Although there were 3,500 native species of bees pollinating the flowers and food crops of North America when European settlers landed on its shores in the 17th century, the colonists were interested only in their Old World honeybees’ wax and honey. They imported the insects, and by the mid-1800s, both feral and domesticated colonies of honeybees were scattered all over the United States.(1) As a result of disease, pesticides, and climate changes, the honeybee population has been nearly decimated, but since the demand for their honey and other products remains high, these tiny animals are factory-farmed, much like chickens, pigs, and cows are.
The Complex Lives of Bees
A honeybee hive consists of tens of thousands of bees, each with his or her own mission that is determined by the bee’s sex and age as well as by the time of year. Each hive usually has one queen, hundreds of drones, and thousands of workers. Queens can live for as long as seven years, while other bees have lifespans ranging from a few weeks to six months.(2)
Worker bees are responsible for feeding the brood, caring for the queen, building comb, foraging for nectar and pollen, and cleaning, ventilating, and guarding the hive. The drones serve the queen, who is responsible for reproduction. She lays about 250,000 eggs each year—and as many as 1 million over the course of her lifetime.(3)
A single worker bee may visit up to 10,000 flowers in one day and, in his or her lifetime, produce a teaspoon of honey.
When a new queen is about to be born, the old queen and half the hive leave their old home and set up in a new place that scouting worker bees have found.(4) As the temperature drops in the winter, the bees cluster around the queen and the young, using their body heat to keep the temperature inside the hive steady at around 93°F.(5)
A Language All Their Own
Bees have a unique and complex form of communication based on sight, motion, and scent that scientists and scholars still don’t fully understand.(6) Bees alert other members of their hive to food, new hive locations, and conditions within their hive (such as nectar supply) through intricate “dance” movements.(7)
Studies have shown that bees are capable of abstract thinking as well as distinguishing their family members from other bees in the hive, using visual cues to map their travels, and finding a previously used food supply, even when their home has been moved.(8,9,10) And much like smells can invoke powerful memories for humans, bees use their sense of smell to trigger memories of where the best food can be found.(11)
Why Bees Need Their Honey
Plants produce nectar to attract pollinators (bees, butterflies, bats, and other mammals), who are necessary for successful plant reproduction. Bees collect and use nectar to make honey, which provides vital nourishment for them, especially during the winter. Since nectar contains a lot of water, bees have to work to dry it out, and they add enzymes from their own bodies to convert it into food and prevent it from going bad.(12) A single worker bee may visit up to 10,000 flowers in one day and, in his or her lifetime, produce a teaspoon of honey.(13)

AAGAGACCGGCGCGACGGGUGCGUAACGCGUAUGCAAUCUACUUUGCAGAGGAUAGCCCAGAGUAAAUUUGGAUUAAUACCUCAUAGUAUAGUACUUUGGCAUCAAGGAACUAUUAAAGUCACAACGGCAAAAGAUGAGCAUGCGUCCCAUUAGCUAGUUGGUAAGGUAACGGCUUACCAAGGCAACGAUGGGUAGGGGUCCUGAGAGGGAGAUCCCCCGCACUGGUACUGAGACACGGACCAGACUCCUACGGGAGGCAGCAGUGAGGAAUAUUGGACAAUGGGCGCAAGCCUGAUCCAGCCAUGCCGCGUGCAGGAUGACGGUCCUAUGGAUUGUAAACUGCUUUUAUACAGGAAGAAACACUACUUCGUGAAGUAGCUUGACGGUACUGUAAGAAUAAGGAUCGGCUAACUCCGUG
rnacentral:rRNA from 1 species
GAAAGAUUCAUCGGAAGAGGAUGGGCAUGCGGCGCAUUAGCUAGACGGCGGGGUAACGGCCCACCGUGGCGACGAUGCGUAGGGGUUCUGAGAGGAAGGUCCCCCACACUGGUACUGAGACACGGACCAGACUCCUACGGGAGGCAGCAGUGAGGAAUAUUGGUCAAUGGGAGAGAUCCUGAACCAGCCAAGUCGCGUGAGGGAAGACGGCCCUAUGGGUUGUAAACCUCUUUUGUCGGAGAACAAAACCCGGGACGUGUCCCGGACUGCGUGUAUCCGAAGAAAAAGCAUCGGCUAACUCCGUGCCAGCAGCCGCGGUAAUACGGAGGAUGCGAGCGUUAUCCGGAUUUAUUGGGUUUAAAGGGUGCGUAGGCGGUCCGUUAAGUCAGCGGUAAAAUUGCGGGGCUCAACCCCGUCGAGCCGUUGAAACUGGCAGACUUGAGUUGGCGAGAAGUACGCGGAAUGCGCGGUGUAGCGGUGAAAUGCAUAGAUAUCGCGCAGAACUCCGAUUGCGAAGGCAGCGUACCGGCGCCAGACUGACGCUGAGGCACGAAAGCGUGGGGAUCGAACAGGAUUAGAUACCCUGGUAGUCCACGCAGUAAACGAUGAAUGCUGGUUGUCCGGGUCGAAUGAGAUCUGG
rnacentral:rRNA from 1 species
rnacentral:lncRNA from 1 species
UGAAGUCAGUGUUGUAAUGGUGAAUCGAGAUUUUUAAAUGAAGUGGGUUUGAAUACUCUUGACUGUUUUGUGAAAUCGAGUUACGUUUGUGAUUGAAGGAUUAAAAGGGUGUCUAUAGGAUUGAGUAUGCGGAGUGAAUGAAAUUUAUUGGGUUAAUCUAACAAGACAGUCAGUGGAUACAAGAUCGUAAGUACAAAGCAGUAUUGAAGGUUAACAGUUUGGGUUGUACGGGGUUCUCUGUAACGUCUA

Honeybees Do Not Pollinate as Well as Native Bees
Approximately one out of every three mouthfuls of food or drink that humans consume is made possible by pollinators—insects, birds, and mammals pollinate about 75 percent of all food crops.(14) Industrial beekeepers want consumers to believe that honey is just a byproduct of the necessary pollination provided by honeybees, but honeybees are not as good at pollinating as many truly wild bees, such as bumblebees and carpenter and digger bees.
Native bees are active earlier in the spring, both male and females pollinate, and they are unaffected by mites and Africanized bees, which can harm honeybees.(15) But because most species of native bees hibernate for as many as 11 months out of the year and do not live in large colonies, they do not produce massive amounts of honey, and the little that they do produce is not worth the effort required to steal it from them.(16,17) So although native bees are more effective pollinators, farmers continue to rely on factory-farmed honeybees for pollination so that the honey industry can take in excess of 174 million pounds of honey every year, at a value of more than $157 million.(18)
Profiting from honey requires the manipulation and exploitation of the insects’ desire to live and protect their hive. Like other factory-farmed animals, honeybees are victims of unnatural living conditions, genetic manipulation, and stressful transportation. The familiar white box that serves as a beehive has been around since the mid-1850s and was created so that beekeepers could move the hives from place to place. The New York Times reported that bees have been “moved from shapes that accommodated their own geometry to flat-topped tenements, sentenced to life in file cabinets.”(19)